I was recently reading up on the apostles on a popular Christian website when I happened to stumble upon a list of how each apostle supposedly passed away. In my mind I knew several of them had been killed pretty brutally, but I was still shocked by some of the details. Out of curiosity I’ve done my own research on the same topic, which you’re about to read below.
DISCLAIMER: These deaths get pretty graphic, so prepare yourself. Also, many details about apostolic deaths are not included in the Bible narrative or even on ChurchofJesusChrist.org. Many come from tangential historical, apocryphal or non-Latter-day Saint sources. I’ve provided links to those sources, but I wouldn’t be surprised if a detail or two was incorrect. Fair warning.
If you’re familiar with any of the deaths of the apostles, it’s probably Peter’s. After multiple trials in Rome, he was crucified. But, feeling unworthy to be crucified in the same manner as his Savior, Peter requested to be crucified upside down, on an inverted cross, which he was.
2. Andrew (Peter’s brother)
Andrew isn’t mentioned much in the Bible—and there’s even less information available about the circumstances of his death. But here’s what National Geographic has to say about it:
According to 15th Century religious historian Dorman Newman, Andrew—the brother of Peter—went to Patras in western Greece in 69 AD, where the Roman proconsul Aegeates debated religion with him. Aegeates tried to convince Andrew to forsake Christianity, so that he would not have to torture and execute him. But when that didn’t work, apparently he decided to give Andrew the full treatment. Andrew was scourged, and then tied rather than nailed to a cross, so that he would suffer for a longer time before dying. Andrew lived for two days, during which he preached to passersby.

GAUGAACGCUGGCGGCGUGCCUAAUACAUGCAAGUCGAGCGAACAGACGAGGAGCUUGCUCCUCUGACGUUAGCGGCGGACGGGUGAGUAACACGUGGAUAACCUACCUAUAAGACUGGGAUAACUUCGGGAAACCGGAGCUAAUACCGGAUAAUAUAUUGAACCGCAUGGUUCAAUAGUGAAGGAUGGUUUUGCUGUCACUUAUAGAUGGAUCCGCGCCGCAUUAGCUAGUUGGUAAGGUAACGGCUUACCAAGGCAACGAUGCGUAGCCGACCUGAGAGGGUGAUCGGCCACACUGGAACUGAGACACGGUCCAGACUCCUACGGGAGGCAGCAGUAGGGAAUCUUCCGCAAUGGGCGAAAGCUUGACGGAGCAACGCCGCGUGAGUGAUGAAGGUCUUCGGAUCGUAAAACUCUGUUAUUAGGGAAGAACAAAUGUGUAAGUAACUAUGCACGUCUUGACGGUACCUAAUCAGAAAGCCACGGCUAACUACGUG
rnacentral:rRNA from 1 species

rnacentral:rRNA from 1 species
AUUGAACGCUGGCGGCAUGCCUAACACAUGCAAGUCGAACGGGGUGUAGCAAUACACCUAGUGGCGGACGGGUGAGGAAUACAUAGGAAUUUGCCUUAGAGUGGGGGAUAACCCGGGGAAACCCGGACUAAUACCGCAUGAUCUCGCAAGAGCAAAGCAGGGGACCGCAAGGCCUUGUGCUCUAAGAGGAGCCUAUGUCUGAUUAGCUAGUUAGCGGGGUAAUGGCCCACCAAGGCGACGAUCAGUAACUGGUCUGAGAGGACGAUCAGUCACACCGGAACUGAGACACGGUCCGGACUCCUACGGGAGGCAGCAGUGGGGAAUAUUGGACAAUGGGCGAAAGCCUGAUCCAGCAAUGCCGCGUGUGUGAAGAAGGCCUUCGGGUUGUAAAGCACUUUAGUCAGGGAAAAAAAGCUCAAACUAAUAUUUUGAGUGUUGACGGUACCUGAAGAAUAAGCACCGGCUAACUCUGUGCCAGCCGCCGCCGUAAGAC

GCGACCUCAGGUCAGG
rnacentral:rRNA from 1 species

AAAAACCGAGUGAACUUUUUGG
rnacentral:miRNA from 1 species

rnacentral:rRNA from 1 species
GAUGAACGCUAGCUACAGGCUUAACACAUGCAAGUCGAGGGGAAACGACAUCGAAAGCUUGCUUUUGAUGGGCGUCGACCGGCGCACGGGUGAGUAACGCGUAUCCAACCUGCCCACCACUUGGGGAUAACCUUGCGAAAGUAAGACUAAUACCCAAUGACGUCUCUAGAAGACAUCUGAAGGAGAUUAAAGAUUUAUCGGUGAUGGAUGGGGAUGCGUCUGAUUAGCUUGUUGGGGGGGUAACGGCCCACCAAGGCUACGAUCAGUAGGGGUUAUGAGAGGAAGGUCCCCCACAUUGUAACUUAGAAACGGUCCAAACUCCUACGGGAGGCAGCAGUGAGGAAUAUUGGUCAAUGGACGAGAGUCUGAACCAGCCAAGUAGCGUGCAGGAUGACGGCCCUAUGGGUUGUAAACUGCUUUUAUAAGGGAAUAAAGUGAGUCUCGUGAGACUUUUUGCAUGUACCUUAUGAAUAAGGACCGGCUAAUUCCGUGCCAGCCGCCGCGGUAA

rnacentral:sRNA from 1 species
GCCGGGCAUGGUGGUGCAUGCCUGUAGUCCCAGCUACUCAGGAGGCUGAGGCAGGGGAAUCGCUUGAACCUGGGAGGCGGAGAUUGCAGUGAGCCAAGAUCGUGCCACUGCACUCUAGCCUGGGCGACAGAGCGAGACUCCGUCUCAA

3. John the Revelator (also John the Beloved)
Traditional Christian thinking assumes that John the Revelator died of natural causes on the Isle of Patmos, where he lived in exile. However, according to Latter-day Saint belief, we rely on Doctrine and Covenants section seven:
So John just might be wandering around somewhere preaching the gospel as we speak.
4. James (John’s brother)
We actually do have some biblical scripture to back this one up, from Acts chapter 12, 1-2:
Now about that time Herod the king stretched forth his hands to vex certain of the church.
And that’s that. Herod was a bad dude.
5. Bartholomew (also known as Nathaniel)
Very little is known about Bartholomew’s death. Some sources simply say he was martyred, while others say he was skinned alive and beheaded. One source says he was “flayed with knives.” “Flayed” can mean to simply peel skin off, but it can also reference skin being removed because of severe beating or whipping. And indeed, another hypothesis suggests that severe whipping tore Bartholomew’s skin “to shreds.” The common theme amongst the different theories is that, whatever the cause, it was probably unpleasant.